Guns and Gear

Iwo Jima: The Whine of Snipers’ Bullets Comprised the Only Opposition

From the Leatherneck Archives: September 1947. Courtesy of the Marine Corps Association

Story by Bill Miller

Photos by SSgt Lou Lowery 

This is the story of the 3d Platoon of “Easy” Company, 2d Battalion, Twenty-eighth Marines, and how it raised the colors on Suribachiyama, the grim, strange volcano fortress that frowned in deadly menace over Iwo Jima’s ashy battleground. The 3d Plt didn’t do it all alone, and those very few of its members who survive would be the last to say it did.

When the assault regiments of the Fourth and Fifth [Marine] divisions hit the beaches of Iwo, all but the 28th swung right to take the major part of the island. The 28th turned left to attack the mountain and still its guns. This story starts as dusk fell on the night of D-day plus one [20 Feb. 1945]. The whole Marine line facing Suribachi was still out in the open and the Japanese on the high slopes were looking down their throats.

It made the Marines jittery to know that their every move was being watched from above. They couldn’t see quite well enough for accurate rifle fire, but machine-gunners exchanged harassing bursts as the enemy prepared positions in the belt of shrubbery ahead and higher up the sides of the old volcano. A destroyer pulled close in to shore and did a beautiful job of bombarding the crater’s snarling lip.

First Lieutenant John K. [“Tex”] Wells of Lake View, Texas, the platoon leader, ordered his men to clean their weapons, three at a time. Then he and little Jim “Chicken” Robeson, a 16-year-old Chewelah, Wash., lad, and Ed Christian, a deeply tanned Californian, went out to string wire 50 yards ahead of the Marine lines. The enemy positions were 50 yards beyond that. William “Jawbone” McNulty from Stillwater, Minn., and Clarence Hipps, Brownwood, Texas, set up trip flares. Donald Ruhl, a rawboned, reckless Montana rancher, and Corporal Everett Lavell, Bellingham, Wash., were over on the right flank, in a deserted Japanese coastal gun pit of concrete and concrete-filled oil drums. 

That gun pit had been a great menace for two days, and the company on the right had had seven men killed trying to take it. The enemy had it covered with mortars from the volcano.

Ruhl and Old Man Lavelle had scouted it out that day. They had found a cave leading out from the back of the pit toward the mountain. Tex sent back for demolitions to blow the cave, but before they arrived, Ruhl managed to crawl the full length of the dark tunnel by himself and came back to report there were no Japanese in it.

Shortly after the flag is raised atop Mount Suribachi, around 1020 on 23 Feb., PFC James R. Michels, foreground, checks out Japanese activity.

He and Lavelle had orders that night to shoot anyone who tried to jump in with them. Somebody tried it—somebody who turned out the next morning to be a very dead Japanese.

All the men were tense. They weren’t hungry, but they started asking for food and water. Tex and the platoon sergeant, Ernest Thomas, passed out what they had, and it helped to get through the hours. Actually, everyone ate little and drank little for the first three days of the battle.

Then the Japanese, with their bent for breaking monotony, threw down a mortar barrage. It seemed to come spewing right out of the volcano’s mouth. Tex thought it was getting his men. Actually, it did nothing more than bury them deeper in volcanic ash.

That silly “knock-knock, who’s there” game made the rounds about that time. The lieutenant and his men played it to assure each other they weren’t afraid.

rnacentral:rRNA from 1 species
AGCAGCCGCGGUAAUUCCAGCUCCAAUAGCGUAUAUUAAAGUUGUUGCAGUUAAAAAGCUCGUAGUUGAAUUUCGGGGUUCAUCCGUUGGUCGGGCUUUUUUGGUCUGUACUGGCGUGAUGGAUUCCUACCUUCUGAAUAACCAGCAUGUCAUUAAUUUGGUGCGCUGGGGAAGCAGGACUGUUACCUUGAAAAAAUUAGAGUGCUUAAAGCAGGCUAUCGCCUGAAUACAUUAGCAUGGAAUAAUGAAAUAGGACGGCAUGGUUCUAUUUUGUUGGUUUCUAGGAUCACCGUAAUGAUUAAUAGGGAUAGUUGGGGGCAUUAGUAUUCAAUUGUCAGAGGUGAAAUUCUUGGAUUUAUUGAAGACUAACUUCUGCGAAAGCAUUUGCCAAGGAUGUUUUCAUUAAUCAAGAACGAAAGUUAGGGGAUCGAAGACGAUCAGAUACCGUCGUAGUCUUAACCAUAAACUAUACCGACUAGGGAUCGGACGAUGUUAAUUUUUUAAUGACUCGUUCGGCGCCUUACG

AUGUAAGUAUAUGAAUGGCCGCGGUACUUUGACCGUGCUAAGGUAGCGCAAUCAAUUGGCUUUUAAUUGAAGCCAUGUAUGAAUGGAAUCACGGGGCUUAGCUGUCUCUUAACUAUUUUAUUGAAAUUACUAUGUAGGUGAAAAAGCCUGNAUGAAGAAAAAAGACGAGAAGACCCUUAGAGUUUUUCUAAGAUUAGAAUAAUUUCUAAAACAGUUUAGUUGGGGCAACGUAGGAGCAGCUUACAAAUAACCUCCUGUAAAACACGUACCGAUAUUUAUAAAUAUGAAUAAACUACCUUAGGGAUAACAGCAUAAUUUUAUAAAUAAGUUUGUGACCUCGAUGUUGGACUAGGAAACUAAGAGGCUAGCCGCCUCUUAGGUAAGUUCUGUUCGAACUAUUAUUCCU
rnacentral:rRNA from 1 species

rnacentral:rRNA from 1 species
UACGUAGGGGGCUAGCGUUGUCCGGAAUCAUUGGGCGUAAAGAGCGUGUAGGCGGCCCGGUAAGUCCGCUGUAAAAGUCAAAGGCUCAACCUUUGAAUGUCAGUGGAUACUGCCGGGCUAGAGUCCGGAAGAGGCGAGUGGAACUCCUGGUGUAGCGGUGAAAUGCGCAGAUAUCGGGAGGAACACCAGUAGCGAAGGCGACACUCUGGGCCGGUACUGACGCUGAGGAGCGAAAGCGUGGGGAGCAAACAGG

“Come in or stay to hell out,” they yelled at mortar shells splattering around their foxholes. After the shelling, a little machine-gunner in Item Company climbed out of his hole and shook off the dust.

“How do you suppose your dancin’ girl is doing about now?”

“I don’t rightly know,” Wells said, “but, by God, she better be thinking of me.”

Darkness fell and the men stretched out on their ponchos. Nobody slept. They just lay there at the ready, watching the greenish glare of flares creasing the wrinkled face of Suribachi.

The Japanese were out bright and early on D-day plus two, swarming like bees around their caves and trenches at the foot of the mountain. The Marines could see them moving along the trenches, a whole squad or gun crew at a time, each man stooped over, running like hell and holding on to the belt of the man in front of him.

Before jumping off, Tex asked for support. The tanks which were back refueling couldn’t make it, but air promised a strike on call. Not many Japanese earned the Purple Heart in that strike. It hit high up the side of the mountain. The enemy, by then, had moved farther down.

From where it was lined up for the assault, the platoon had to cross a wide open spot and get through its own wire. Tex ordered the right flank up on the abandoned gun emplacement to cover the attack. Eddie Romero, an ex-paratrooper from Chicago, was downed by rifle fire, and Robert Blevins of Galesburg, Ill., took a mortar hit. Clifford Langley, a slow, imperturbable Missourian who seemed especially cut out for the job of corpsman, hurried out to give a hand. A second mortar shell exploded in the midst of them. Romero was killed, but Blevins and Langley survived.

The platoon rushed the Japanese line before the enemy had a chance to get set. Ruhl and his buddy, Sergeant Henry Hansen of Somerville, Mass., whom everybody called the “Count” (he was a suave lad with a good education) took rifles and grenades and ran up to the top of a pillbox. A grenade fell between them. Ruhl, who sincerely believed that the whole world was stark raving mad, covered it with his body. Hansen picked him up, looking at Tex who was crouching close to the pillbox. Tex shook his head and Hansen laid him down again.